5. A big Cyber Monday will lead to “Bounceback Tuesday”
Cyber Monday, the Monday after Black Friday, may still be the biggest e-commerce shopping day of the year, but its growth as a powerful sales driver has slowed as retailers push discount windows earlier in the holiday season.
“In time, Cyber Monday and Black Friday may become less influential. But, with so many people shopping on Cyber Monday, it adds data on undecided (but high-intent shoppers) to the cookie pool for retargeting on Tuesday,” the report noted. “We see big spikes in conversions on what we call Bounceback Tuesday.”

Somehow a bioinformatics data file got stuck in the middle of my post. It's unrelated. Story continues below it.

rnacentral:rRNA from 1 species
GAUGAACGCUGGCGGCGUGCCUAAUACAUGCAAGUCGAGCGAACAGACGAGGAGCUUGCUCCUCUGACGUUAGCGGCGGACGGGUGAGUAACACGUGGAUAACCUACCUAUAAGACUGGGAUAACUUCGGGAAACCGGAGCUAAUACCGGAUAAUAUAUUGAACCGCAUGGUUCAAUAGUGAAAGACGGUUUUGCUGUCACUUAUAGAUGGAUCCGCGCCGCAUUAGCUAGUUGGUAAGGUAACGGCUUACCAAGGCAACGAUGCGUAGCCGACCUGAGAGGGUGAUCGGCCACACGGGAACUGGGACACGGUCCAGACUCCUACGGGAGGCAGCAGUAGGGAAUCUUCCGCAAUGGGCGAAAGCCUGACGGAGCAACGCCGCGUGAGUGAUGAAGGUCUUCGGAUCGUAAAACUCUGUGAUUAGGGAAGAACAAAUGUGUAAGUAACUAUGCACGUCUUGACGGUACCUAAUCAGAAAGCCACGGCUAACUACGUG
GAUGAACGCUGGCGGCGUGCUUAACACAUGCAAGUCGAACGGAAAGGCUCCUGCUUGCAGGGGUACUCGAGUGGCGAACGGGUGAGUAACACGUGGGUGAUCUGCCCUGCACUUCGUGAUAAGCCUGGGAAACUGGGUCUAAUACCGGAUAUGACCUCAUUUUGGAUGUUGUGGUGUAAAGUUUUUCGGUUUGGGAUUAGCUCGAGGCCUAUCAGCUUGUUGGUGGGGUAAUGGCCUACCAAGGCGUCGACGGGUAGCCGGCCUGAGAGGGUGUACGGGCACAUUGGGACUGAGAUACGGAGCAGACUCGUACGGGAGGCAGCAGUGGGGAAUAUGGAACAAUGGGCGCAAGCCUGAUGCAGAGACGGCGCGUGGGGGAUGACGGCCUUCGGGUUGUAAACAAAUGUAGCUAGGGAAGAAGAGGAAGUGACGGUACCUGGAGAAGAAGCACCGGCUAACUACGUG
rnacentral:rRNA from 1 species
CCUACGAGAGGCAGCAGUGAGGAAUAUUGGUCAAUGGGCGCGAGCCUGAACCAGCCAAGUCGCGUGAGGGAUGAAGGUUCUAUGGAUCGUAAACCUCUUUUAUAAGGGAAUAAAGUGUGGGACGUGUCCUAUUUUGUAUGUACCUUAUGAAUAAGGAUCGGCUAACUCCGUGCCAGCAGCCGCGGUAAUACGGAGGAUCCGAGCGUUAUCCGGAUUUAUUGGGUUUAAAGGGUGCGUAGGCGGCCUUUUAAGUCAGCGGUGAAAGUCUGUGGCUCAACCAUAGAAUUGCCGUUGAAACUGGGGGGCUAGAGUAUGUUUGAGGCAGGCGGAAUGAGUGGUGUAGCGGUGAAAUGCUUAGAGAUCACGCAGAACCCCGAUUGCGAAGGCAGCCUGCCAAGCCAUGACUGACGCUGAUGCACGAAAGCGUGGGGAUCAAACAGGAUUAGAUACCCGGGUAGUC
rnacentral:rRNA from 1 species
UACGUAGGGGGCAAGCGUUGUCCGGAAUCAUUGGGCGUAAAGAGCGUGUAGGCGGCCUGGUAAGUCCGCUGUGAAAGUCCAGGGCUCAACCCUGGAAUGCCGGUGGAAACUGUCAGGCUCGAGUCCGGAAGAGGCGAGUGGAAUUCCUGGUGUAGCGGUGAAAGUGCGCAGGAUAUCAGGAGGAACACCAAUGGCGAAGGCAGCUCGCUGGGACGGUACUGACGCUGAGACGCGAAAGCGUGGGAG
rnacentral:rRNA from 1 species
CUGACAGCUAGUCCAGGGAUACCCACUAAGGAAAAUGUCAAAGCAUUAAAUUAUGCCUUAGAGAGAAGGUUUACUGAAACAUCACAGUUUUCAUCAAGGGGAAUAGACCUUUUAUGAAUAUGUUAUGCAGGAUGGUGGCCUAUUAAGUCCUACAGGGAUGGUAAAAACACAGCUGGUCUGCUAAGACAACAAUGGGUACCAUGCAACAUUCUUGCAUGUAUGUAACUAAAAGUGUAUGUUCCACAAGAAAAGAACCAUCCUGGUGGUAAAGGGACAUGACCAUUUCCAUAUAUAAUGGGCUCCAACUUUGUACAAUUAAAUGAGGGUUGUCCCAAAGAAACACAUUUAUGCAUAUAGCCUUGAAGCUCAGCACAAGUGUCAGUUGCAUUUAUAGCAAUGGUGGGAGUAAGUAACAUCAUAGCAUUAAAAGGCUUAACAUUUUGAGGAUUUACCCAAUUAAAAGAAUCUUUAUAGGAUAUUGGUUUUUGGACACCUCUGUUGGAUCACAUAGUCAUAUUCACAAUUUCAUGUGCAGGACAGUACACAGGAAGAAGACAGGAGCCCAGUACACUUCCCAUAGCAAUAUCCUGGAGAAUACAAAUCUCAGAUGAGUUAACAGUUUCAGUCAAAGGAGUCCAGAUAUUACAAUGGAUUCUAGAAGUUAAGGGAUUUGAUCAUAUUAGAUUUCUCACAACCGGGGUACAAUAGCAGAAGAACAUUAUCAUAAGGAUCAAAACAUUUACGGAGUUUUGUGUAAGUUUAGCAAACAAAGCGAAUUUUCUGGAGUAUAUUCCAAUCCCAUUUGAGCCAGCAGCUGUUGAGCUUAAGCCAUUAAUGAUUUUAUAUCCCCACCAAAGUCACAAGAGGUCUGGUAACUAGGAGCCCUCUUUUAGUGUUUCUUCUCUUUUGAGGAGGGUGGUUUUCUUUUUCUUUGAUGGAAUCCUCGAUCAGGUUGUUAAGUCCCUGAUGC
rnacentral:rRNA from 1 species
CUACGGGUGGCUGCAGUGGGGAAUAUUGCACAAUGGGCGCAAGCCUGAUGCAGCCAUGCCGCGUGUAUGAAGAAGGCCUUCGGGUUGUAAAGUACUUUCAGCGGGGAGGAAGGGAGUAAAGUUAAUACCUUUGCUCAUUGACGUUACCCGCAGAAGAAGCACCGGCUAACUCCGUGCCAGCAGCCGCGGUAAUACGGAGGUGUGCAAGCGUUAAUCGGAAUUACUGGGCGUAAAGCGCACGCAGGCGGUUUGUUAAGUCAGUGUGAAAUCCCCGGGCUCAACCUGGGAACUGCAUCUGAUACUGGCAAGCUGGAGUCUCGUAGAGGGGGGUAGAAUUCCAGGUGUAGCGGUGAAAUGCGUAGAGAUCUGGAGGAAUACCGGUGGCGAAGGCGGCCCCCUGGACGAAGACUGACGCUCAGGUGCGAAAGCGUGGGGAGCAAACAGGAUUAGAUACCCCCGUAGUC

6. Retail’s early movers will determine when Black Friday is
There may be an actual date for Black Friday, but big retailers that want to start it early could drive a change in that date.
“Last year, when Walmart decided that Black Friday deals started on November 18th—a full week before Thanksgiving—it caught some merchants and brands off-guard. The volume of activity they generated was so great that it flooded the entire online marketplace with eager shoppers,” Criteo said. “Since our data shows that a high number of people shop across sites, brands should be prepared for surprise sale announcements and reap the benefits.”
7. Expect a Cyber Week II
The slew of shoppers gifting gift cards are giving rise to what Criteo calls “Cyber Week II,” the period from Christmas Day through New Year’s when recipients go to exchange their giftcards for goods.